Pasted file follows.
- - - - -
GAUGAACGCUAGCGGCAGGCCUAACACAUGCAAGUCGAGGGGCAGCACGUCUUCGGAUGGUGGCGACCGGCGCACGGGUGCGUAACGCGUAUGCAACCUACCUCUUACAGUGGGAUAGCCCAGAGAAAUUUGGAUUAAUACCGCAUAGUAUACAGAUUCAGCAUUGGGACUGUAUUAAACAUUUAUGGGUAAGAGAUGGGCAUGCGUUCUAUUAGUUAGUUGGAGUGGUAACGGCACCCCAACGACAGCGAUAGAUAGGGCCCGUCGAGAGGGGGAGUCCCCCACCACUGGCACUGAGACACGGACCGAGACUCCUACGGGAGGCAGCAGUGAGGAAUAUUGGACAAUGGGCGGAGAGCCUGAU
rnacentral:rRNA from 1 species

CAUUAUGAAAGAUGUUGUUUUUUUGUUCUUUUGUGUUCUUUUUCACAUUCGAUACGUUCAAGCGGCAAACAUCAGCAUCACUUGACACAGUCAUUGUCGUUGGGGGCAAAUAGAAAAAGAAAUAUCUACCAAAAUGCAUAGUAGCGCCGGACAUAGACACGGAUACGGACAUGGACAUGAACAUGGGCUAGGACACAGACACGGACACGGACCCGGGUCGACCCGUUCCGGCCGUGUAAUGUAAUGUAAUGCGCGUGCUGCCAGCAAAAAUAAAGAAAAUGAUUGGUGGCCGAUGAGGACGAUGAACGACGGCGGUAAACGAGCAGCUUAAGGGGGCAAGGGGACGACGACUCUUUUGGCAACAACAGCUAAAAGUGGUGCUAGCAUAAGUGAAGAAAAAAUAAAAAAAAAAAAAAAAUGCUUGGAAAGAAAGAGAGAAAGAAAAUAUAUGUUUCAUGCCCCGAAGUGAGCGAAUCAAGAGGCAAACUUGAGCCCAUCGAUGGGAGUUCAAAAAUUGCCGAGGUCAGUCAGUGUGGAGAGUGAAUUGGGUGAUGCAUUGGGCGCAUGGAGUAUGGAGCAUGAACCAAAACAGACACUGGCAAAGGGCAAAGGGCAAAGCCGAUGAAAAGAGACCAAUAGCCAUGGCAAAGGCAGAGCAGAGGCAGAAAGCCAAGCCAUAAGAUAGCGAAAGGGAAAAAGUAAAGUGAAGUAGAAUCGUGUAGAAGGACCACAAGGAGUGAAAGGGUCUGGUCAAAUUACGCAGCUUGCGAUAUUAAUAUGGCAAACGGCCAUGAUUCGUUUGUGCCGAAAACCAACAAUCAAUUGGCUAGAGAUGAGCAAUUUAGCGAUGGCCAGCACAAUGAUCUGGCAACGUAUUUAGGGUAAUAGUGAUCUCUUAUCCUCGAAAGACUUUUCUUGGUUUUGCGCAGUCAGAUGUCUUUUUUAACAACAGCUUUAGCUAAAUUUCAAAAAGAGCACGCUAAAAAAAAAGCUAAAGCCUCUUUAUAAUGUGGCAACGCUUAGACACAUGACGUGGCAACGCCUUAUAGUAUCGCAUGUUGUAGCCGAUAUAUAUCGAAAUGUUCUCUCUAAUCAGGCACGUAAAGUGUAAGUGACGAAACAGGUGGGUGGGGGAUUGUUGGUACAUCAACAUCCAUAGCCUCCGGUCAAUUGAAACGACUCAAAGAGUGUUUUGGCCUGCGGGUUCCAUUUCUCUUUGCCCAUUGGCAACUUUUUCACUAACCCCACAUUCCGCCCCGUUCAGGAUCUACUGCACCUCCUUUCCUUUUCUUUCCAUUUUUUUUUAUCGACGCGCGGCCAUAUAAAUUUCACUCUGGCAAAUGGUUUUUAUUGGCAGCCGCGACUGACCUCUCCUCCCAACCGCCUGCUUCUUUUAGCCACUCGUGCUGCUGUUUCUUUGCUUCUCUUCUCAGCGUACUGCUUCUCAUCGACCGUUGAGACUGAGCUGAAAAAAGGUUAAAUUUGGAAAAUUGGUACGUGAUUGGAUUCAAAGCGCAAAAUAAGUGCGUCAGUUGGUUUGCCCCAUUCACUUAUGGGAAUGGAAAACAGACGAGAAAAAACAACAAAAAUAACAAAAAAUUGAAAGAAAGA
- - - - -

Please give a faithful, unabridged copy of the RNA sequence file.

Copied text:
GAUGAACGCUAGCGGCAGGCCUAACACAUGCAAGUCGAGGGGCAGCACGUCUUCGGAUGGUGGCGACCGGCGCACGGGUGCGUAACGCGUAUGCAACCUACCUCUUACAGUGGGAUAGCCCAGAGAAAUUUGGAUUAAUACCGCAUAGUAUACAGAUUCAGCAUUGGGACUGUAUUAAACAUUUAUGGGUAAGAGAUGGGCAUGCGUUCUAUUAGUUAGUUGGAGUGGUAACGGCACCCCAACGACAGCGAUAGAUAGGGCCCGUCGAGAGGGGGAGUCCCCCACCACUGGCACUGAGACACGGACCGAGACUCCUACGGGAGGCAGCAGUGAGGAAUAUUGGACAAUGGGCGGAGAGCCUGAU
rnacentral:rRNA from 1 species

CAUUAUGAAAGAUGUUGUUUUUUUGUUCUUUUGUGUUCUUUUUCACAUUCGAUACGUUCAAGCGGCAAACAUCAGCAUCACUUGACACAGUCAUUGUCGUUGGGGGCAAAUAGAAAAAGAAAUAUCUACCAAAAUGCAUAGUAGCGCCGGACAUAGACACGGAUACGGACAUGGACAUGAACAUGGGCUAGGACACAGACACGGACACGGACCCGGGUCGACCCGUUCCGGCCGUGUAAUGUAAUGUAAUGCGCGUGCUGCCAGCAAAAAUAAAGAAAAUGAUUGGUGGCCGAUGAGGACGAUGAACGACGGCGGUAAACGAGCAGCUUAAGGGGGCAAGGGGACGACGACUCUUUUGGCAACAACAGCUAAAAGUGGUGCUAGCAUAAGUGAAGAAAAAAUAAAAAAAAAAAAAAAAUGCUUGGAAAGAAAGAGAGAAAGAAAAUAUAUGUUUCAUGCCCCGAAGUGAGCGAAUCAAGAGGCAAACUUGAGCCCAUCGAUGGGAGUUCAAAAAUUGCCGAGGUCAGUCAGUGUGGAGAGUGAAUUGGGUGAUGCAUUGGGCGCAUGGAGUAUGGAGCAUGAACCAAAACAGACACUGGCAAAGGGCAAAGGGCAAAGCCGAUGAAAAGAGACCAAUAGCCAUGGCAAAGGCAGAGCAGAGGCAGAAAGCCAAGCCAUAAGAUAGCGAAAGGGAAAAAGUAAAGUGAAGUAGAAUCGUGUAGAAGGACCACAAGGAGUGAAAGGGUCUGGUCAAAUUACGCAGCUUGCGAUAUUAAUAUGGCAAACGGCCAUGAUUCGUUUGUGCCGAAAACCAACAAUCAAUUGGCUAGAGAUGAGCAAUUUAGCGAUGGCCAGCACAAUGAUCUGGCAACGUAUUUAGGGUAAUAGUGAUCUCUUAUCCUCGAAAGACUUUUCUUGGUUUUGCGCAGUCAGAUGUCUUUUUUAACAACAGCUUUAGCUAAAUUUCAAAAAGAGCACGCUAAAAAAAAAGCUAAAGCCUCUUUAUAAUGUGGCAACGCUUAGACACAUGACGUGGCAACGCCUUAUAGUAUCGCAUGUUGUAGCCGAUAUAUAUCGAAAUGUUCUCUCUAAUCAGGCACGUAAAGUGUAAGUGACGAAACAGGUGGGUGGGGGAUUGUUGGUACAUCAACAUCCAUAGCCUCCGGUCAAUUGAAACGACUCAAAGAGUGUUUUGGCCUGCGGGUUCCAUUUCUCUUUGCCCAUUGGCAACUUUUUCACUAACCCCACAUUCCGCCCCGUUCAGGAUCUACUGCACCUCCUUUCCUUUUCUUUCCAUUUUUUUUUAUCGACGCGCGGCCAUAUAAAUUUCACUCUGGCAAAUGGUUUUUAUUGGCAGCCGCGACUGACCUCUCCUCCCAACCGCCUGCUUCUUUUAGCCACUCGUGCUGCUGUUUCUUUGCUUCUCUUCUCAGCGUACUGCUUCUCAUCGACCGUUGAGACUGAGCUGAAAAAAGGUUAAAUUUGGAAAAUUGGUACGUGAUUGGAUUCAAAGCGCAAAAUAAGUGCGUCAGUUGGUUUGCCCCAUUCACUUAUGGGAAUGGAAAACAGACGAGAAAAAACAACAAAAAUAACAAAAAAUUGAAAGAAAGA